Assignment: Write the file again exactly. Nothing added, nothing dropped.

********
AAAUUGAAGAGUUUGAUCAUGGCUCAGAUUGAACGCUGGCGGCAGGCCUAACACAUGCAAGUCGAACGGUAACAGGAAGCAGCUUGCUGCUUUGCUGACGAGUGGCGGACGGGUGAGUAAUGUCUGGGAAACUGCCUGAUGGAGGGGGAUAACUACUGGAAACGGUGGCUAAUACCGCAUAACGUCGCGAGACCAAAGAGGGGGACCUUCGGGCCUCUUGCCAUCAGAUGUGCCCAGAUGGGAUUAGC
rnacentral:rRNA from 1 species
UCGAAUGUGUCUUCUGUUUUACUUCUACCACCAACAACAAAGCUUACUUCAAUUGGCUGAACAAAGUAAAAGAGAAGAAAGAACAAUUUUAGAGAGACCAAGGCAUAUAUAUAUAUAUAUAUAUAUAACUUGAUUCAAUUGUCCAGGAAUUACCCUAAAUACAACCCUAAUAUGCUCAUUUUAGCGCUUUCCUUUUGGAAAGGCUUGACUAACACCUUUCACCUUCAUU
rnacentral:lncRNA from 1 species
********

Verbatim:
AAAUUGAAGAGUUUGAUCAUGGCUCAGAUUGAACGCUGGCGGCAGGCCUAACACAUGCAAGUCGAACGGUAACAGGAAGCAGCUUGCUGCUUUGCUGACGAGUGGCGGACGGGUGAGUAAUGUCUGGGAAACUGCCUGAUGGAGGGGGAUAACUACUGGAAACGGUGGCUAAUACCGCAUAACGUCGCGAGACCAAAGAGGGGGACCUUCGGGCCUCUUGCCAUCAGAUGUGCCCAGAUGGGAUUAGC
rnacentral:rRNA from 1 species
UCGAAUGUGUCUUCUGUUUUACUUCUACCACCAACAACAAAGCUUACUUCAAUUGGCUGAACAAAGUAAAAGAGAAGAAAGAACAAUUUUAGAGAGACCAAGGCAUAUAUAUAUAUAUAUAUAUAUAACUUGAUUCAAUUGUCCAGGAAUUACCCUAAAUACAACCCUAAUAUGCUCAUUUUAGCGCUUUCCUUUUGGAAAGGCUUGACUAACACCUUUCACCUUCAUU
rnacentral:lncRNA from 1 species